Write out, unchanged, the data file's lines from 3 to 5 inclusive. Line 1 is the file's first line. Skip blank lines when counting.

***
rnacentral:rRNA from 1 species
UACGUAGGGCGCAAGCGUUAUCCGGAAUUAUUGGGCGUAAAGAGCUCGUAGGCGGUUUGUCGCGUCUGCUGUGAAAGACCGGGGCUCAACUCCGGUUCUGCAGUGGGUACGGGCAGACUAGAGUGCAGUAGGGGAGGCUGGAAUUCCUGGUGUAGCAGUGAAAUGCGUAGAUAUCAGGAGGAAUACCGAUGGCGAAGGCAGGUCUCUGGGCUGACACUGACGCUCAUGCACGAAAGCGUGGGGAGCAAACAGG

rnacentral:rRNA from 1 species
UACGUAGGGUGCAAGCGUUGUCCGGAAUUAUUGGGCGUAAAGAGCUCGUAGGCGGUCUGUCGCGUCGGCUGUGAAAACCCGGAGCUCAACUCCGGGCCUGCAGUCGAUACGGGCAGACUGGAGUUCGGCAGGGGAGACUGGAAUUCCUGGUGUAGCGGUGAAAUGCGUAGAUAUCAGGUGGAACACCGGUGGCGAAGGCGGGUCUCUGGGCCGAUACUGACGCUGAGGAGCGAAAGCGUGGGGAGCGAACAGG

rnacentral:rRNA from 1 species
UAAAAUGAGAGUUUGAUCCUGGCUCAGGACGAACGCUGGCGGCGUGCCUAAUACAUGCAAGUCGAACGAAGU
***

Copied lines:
rnacentral:rRNA from 1 species
UACGUAGGGUGCAAGCGUUGUCCGGAAUUAUUGGGCGUAAAGAGCUCGUAGGCGGUCUGUCGCGUCGGCUGUGAAAACCCGGAGCUCAACUCCGGGCCUGCAGUCGAUACGGGCAGACUGGAGUUCGGCAGGGGAGACUGGAAUUCCUGGUGUAGCGGUGAAAUGCGUAGAUAUCAGGUGGAACACCGGUGGCGAAGGCGGGUCUCUGGGCCGAUACUGACGCUGAGGAGCGAAAGCGUGGGGAGCGAACAGG

rnacentral:rRNA from 1 species